Yes, I’m a stay-at-home-mom. Taking care of my baby and my home are in the job description, and for the first several months of new motherhood, I did precisely that. I nursed our newborn daughter, goaded her into tummy time, read to her, dangled toys in front of her, burped her, changed her and rocked her to sleep.
Then I’d crossed some task or household chore off my to-do list and repeated this cycle until my husband got home in the evening. On top of this, I forced myself to use natural cleaning products because I worried about chemicals around my baby. Have you ever tried cleaning a stovetop with baking soda and a lemon? No wonder they make all those chemical-filled products.
At night, I was the only one who woke up to take care of the baby and I only ever slept in three-hour increments. After months of living in this daze, I was more exhausted and on edge than ever before in my life.
I knew something had to give. I put down the homemade vinegar cleaner. I left the dishes in the sink.
And we hired a maid.
Even though it was pricey, the peace it gave me was priceless. I know, I know. Plenty of moms do all this and more, without complaining. I’m just not one of them. I’m not saying a baby is messy (toddlers are much, much messier). I’m saying I barely had time to shower, much less scrub the shower.
When the cleaning lady would come for her weekly visit, I’d take my daughter to stroll around the city or we'd visit the park. I’d come home to sparkling bathrooms, a spotless kitchen and gleaming floors.
The cleaning lady saved my sanity, for far less than a therapist would charge me for weekly sessions.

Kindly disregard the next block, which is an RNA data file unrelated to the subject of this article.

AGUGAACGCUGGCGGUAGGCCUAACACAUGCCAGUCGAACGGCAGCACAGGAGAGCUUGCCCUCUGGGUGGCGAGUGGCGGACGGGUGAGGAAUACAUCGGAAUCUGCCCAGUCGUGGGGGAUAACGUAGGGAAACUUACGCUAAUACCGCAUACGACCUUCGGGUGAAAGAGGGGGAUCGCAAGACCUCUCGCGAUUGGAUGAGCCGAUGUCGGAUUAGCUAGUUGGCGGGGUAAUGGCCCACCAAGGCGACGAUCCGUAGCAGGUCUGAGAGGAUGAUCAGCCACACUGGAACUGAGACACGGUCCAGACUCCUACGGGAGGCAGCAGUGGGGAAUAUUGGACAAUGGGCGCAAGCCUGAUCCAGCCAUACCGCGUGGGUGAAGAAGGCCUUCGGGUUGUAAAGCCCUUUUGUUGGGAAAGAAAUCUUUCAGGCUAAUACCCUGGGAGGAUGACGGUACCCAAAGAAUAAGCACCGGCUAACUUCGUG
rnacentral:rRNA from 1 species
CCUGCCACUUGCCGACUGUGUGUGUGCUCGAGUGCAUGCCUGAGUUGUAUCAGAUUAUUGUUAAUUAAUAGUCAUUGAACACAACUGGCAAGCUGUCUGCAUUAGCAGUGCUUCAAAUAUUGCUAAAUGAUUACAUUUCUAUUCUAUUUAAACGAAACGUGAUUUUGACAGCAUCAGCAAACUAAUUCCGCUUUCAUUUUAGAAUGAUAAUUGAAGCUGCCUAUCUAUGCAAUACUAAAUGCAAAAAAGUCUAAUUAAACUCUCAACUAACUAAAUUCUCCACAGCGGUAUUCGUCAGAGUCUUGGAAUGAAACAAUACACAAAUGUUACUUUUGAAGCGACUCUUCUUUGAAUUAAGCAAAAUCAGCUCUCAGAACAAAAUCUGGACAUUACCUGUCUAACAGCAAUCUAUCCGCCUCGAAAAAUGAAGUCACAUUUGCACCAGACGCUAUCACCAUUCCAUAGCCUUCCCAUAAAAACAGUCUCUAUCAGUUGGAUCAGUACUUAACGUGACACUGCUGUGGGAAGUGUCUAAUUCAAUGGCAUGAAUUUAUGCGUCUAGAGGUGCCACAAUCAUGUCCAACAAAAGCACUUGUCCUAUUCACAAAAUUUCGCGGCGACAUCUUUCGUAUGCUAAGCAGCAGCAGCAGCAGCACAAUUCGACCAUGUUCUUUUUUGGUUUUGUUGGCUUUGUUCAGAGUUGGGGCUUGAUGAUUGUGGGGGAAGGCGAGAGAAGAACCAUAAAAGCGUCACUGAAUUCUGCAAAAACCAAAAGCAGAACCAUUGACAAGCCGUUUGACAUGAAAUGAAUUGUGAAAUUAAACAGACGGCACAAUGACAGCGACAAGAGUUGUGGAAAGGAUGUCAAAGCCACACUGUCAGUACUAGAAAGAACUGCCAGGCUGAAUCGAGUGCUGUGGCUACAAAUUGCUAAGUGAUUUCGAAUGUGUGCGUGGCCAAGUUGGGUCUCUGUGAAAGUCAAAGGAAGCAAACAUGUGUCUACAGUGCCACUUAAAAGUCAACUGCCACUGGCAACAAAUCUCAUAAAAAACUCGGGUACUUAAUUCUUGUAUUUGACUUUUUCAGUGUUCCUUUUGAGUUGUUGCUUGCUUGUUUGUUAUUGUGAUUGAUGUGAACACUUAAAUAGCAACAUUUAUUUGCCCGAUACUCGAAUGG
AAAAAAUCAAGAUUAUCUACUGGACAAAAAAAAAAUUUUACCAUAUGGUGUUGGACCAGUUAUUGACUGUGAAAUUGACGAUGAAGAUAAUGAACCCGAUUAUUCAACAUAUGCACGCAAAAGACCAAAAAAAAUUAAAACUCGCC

Did I have guilt back then? A little at first, yes. But then I remembered that I was alone with my baby for most of the day.
Stay-at-home motherhood doesn’t have to look one way for it to be authentic.
I didn’t have a network of family support because our families lived far away. I needed help. I was fortunate enough to be able to get it, and I know that’s not true for many moms. The experience taught me that the best gift you can give a new mom is some time off. If any of my friends have a baby, I’m coming over to do some dishes and I’m bringing a hot meal. (In that vein, let me say that the worst kind of guest you can have when you’re a new mom is one who expects you to wait on them while also taking care of your baby’s needs.)
With the advent of my sanity restored, I was able to enjoy motherhood more. Once she started sleeping through the night at about a year old, we were better off by leaps and bounds. I started to work from home during nap time and in the evenings after my husband came home. I paid the cleaning lady myself and still had a tidy sum to put away. I cleaned my home in between her visits, which was made easier by having someone thoroughly clean the house each week.
I know some moms might judge me for not being able to do everything myself because we’re supposed to be super moms all the time. But you know what? Motherhood is not a contest. Sometimes, the standards to which we hold ourselves do not necessarily make us happier. Stay-at-home motherhood doesn’t have to look one way for it to be authentic. If my family is healthy and happy, then I have no regrets.